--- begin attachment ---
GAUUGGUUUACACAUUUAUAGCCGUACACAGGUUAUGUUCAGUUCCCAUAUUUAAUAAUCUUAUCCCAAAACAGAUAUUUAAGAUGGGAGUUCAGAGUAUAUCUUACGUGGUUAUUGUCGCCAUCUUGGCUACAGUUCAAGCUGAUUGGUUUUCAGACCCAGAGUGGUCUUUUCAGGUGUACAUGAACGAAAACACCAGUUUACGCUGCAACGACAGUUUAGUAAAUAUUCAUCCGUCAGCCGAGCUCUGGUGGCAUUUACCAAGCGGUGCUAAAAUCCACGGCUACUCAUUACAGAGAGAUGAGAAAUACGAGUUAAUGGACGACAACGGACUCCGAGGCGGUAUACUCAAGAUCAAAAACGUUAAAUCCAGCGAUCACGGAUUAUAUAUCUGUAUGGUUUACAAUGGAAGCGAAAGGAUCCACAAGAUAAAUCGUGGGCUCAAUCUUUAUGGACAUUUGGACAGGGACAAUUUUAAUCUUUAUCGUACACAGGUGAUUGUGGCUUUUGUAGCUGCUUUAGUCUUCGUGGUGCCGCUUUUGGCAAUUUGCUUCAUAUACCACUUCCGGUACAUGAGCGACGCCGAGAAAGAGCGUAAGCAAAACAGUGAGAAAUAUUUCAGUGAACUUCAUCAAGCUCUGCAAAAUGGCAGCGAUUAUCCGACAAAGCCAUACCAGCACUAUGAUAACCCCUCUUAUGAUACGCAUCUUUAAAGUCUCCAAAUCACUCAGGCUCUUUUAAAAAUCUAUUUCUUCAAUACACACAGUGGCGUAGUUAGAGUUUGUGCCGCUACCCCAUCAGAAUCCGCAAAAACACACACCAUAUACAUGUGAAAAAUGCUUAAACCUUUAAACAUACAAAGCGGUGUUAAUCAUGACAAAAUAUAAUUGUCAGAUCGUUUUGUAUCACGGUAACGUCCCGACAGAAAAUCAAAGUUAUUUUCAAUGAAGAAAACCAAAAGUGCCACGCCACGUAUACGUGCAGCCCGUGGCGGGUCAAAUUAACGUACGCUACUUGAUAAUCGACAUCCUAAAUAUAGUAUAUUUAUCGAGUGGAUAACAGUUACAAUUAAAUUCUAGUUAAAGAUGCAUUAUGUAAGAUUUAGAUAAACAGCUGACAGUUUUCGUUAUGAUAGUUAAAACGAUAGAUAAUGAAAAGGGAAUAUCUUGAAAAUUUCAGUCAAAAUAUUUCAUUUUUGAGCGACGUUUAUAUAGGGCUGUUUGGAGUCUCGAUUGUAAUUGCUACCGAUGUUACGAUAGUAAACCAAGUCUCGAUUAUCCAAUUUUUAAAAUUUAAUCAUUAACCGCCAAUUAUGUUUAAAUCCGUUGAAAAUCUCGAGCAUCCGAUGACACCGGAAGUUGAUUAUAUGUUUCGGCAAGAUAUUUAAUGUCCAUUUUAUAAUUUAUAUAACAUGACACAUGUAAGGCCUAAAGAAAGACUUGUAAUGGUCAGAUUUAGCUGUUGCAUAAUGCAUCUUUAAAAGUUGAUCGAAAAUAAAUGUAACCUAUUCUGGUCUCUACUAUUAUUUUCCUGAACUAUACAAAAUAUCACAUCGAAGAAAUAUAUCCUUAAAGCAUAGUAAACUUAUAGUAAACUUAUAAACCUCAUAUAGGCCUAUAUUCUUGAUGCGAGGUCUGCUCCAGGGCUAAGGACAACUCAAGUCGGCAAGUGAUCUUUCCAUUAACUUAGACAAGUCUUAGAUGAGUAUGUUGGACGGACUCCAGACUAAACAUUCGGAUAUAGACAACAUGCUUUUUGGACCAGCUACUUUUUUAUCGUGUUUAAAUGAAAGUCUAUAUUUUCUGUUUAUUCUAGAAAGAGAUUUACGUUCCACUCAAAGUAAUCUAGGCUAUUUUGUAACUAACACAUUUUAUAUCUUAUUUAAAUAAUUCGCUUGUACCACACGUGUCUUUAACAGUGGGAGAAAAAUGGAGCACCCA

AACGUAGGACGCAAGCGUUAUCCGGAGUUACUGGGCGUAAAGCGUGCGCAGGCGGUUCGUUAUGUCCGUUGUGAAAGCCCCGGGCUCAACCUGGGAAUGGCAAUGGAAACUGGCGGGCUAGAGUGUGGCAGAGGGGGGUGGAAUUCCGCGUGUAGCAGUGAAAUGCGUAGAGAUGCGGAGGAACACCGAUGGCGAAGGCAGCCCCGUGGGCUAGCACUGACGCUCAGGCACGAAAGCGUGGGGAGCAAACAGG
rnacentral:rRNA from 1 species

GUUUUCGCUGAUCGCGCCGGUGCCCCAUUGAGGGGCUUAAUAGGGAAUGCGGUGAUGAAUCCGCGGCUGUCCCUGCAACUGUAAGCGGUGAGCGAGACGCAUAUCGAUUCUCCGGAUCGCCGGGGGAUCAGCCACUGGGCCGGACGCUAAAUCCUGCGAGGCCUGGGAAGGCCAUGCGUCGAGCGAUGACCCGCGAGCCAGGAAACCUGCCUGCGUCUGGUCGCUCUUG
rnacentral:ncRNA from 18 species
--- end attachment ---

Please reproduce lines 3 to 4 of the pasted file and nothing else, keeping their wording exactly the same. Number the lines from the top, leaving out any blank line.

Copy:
rnacentral:rRNA from 1 species

GUUUUCGCUGAUCGCGCCGGUGCCCCAUUGAGGGGCUUAAUAGGGAAUGCGGUGAUGAAUCCGCGGCUGUCCCUGCAACUGUAAGCGGUGAGCGAGACGCAUAUCGAUUCUCCGGAUCGCCGGGGGAUCAGCCACUGGGCCGGACGCUAAAUCCUGCGAGGCCUGGGAAGGCCAUGCGUCGAGCGAUGACCCGCGAGCCAGGAAACCUGCCUGCGUCUGGUCGCUCUUG